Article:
Pietri was hired Monday as the Gamecocks’ new women’s basketball coach. It will be his charge to change the culture of a program that has endured five straight 20-loss seasons, eight straight losing seasons and won more than 15 games in any season only once in the last 20 years.
It’s nothing new to him. He took over a Lady Jaguars’ program in the midst of 10 straight losing seasons at the time he arrived. He produced 10 winning seasons in 13 years and a 220-167 record. He had three 20-win seasons and two conference titles and got USA in the Women’s NIT.
“I had an opportunity to take over a program that had struggled for a long time and was fortunate enough to win a couple titles and consistently produce a competitive program,” Pietri said from his home in Mobile. “It’s an incredible challenge and the journey — and it’s going to be a journey, it’s not going to be a short walk — is something I’m looking forward to.
“This is going to be a process, not a quick fix. It will take a while, but hopefully the community will understand I have done it before and done it well ... and clearly my hope is I’ll be able to do it again.”
Pietri succeeds Annette Watts, who resigned earlier this month.
Watts, who went 1-27 in the final season of her three years at JSU, took a high school coaching job in Tennessee.
Al.com reported the Gamecocks’ nationwide search came down to three finalists. JSU athletics director Warren Koegel declined to identify the finalists but described them as “championship caliber” coaches.
Details of the multi-year contract Pietri is expected to sign were still under discussion. He expects to return to JSU “within the next 48 hours” and is currently pursuing “a path” to assembling a staff.
Pietri, hired by former USA athletics director Joe Gottfried, was relieved of his duties by current AD Joel Erdmann in March despite being the program’s all-time winningest coach. Erdmann told al.com at the time he felt a change was needed in the women’s program. Koegel said he looked into the circumstances surrounding Pietri’s departure and found no red flags.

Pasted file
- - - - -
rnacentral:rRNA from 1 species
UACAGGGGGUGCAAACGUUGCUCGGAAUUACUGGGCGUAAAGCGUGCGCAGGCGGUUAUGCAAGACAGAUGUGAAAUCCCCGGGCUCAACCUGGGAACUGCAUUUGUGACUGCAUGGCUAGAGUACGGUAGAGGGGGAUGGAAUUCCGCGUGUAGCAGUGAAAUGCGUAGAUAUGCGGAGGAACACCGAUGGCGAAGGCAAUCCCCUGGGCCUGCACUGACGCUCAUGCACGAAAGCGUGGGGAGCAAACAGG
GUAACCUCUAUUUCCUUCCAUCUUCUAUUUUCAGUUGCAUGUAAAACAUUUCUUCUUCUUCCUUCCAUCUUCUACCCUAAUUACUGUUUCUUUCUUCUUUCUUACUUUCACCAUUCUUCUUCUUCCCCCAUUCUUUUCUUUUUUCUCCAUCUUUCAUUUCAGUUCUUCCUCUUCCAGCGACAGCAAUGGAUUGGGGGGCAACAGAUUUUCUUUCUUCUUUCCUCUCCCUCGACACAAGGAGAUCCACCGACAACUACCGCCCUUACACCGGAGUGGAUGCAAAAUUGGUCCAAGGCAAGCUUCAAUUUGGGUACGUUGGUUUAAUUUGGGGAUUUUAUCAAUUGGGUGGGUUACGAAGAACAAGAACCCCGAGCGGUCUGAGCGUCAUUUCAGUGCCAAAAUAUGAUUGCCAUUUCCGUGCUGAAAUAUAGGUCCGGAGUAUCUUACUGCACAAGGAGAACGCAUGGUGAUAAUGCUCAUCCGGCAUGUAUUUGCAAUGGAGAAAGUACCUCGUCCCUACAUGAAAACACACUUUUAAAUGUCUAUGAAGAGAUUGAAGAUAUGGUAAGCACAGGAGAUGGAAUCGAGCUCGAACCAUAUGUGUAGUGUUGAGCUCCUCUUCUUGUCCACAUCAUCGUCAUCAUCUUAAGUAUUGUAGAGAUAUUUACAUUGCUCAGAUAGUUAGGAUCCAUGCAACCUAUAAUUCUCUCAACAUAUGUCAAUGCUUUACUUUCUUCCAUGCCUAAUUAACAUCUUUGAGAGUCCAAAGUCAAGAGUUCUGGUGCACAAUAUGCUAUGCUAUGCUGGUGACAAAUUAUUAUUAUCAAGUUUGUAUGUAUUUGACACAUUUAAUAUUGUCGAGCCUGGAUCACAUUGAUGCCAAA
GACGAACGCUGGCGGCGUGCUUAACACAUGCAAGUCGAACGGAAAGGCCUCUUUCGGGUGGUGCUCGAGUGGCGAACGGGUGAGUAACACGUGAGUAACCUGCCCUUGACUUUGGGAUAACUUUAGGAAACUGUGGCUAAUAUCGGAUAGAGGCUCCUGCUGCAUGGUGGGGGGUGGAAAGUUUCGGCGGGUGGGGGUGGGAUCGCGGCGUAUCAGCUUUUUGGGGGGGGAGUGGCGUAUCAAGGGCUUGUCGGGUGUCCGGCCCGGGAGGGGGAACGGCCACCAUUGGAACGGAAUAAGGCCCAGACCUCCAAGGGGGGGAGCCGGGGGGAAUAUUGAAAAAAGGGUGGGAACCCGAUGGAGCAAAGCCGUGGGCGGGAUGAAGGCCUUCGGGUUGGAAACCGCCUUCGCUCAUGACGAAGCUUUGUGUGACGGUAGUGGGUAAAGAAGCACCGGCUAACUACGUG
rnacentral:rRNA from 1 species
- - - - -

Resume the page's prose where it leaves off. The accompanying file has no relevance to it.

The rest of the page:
“What I believe to be true is if Joe were still at South Alabama I’d probably still be at South Alabama, but that’s not the case,” Pietri said. “The truth is when you have a program that’s consistently competitive, there’s always an expectation or more and better, and I understand that. The expectation is we’re competitive, we’ve got to be better than competitive. We’ve got to win a title. One just has to look at what’s going on in the NBA for comparison. If you’re competitive, they expect you to win it all, and if you don’t win it all you’re not winning enough. That’s just the bottom line.”
Before taking the USA women’s job, Pietri was a successful boys high school coach. His B.C. Rain team played in the state championship game four times in five years — winning once — and beat Anniston in the 1998 Class 5A state semifinals.
“The bottom line is to find the right fit for us,” Koegel said. “Rick is a really good coach and he’s very, very good at his job.
“What we’ve got is a really quality individual who’s going to be organized and the girls are going to learn a lot of basketball, and that’s crucial. At the same time the experience will be a good one.”
Pietri is the second former South Alabama coach JSU has hired to lead one of its sports teams in the last seven months. Former South Alabama defensive coordinator Bill Clark was hired as head football coach in December.
Clark worked in the same athletics department with Pietri for five years and was impressed with his work ethic.
“Their weight room was over in our building, and I always thought they were hard workers,” Clark said. “I’d always look at the teams as they came in, and they worked hard and seemed to have a good attitude, which as I coach I looked at. I was always impressed.”
The Lady Jaguars were 17-13 this past season. Jacksonville State has won that many games in a season only once since moving to Division I (18-10 in 2003-04).
Pietri becomes the eighth male head women’s basketball coach in the Ohio Valley Conference, and his hiring leaves the Gamecocks with only one female head coach in their athletics department — softball’s Jana McGinnis. Morehead State (women’s golf), Tennessee Tech (softball) and UT Martin (equestrian) also have only one female head coach among OVC schools.
JSU’s last two non-football head coaching vacancies, positions previously held by women, were filled by men. Attempts to reach the Women’s Sports Foundation for comment late Monday were unsucessful.
“We did interview women. We did interview minorities. We did interview men,” Koegel said, noting McGinnis and senior women’s administrator Tracy Broom both were on the search committee. “We tried to find the best person we could. It could have been a woman. It could have been a man. It turned out to be Rick.
“He was the one who had the experience, and at this time our program needs that experience and cohesiveness and togetherness from someone who has done it before, along with his overall record and his academic record as well as what he does on the court and off the court.”
Al Muskewitz covers Jacksonville State sports for The Star. He can be reached at 256-235-3577.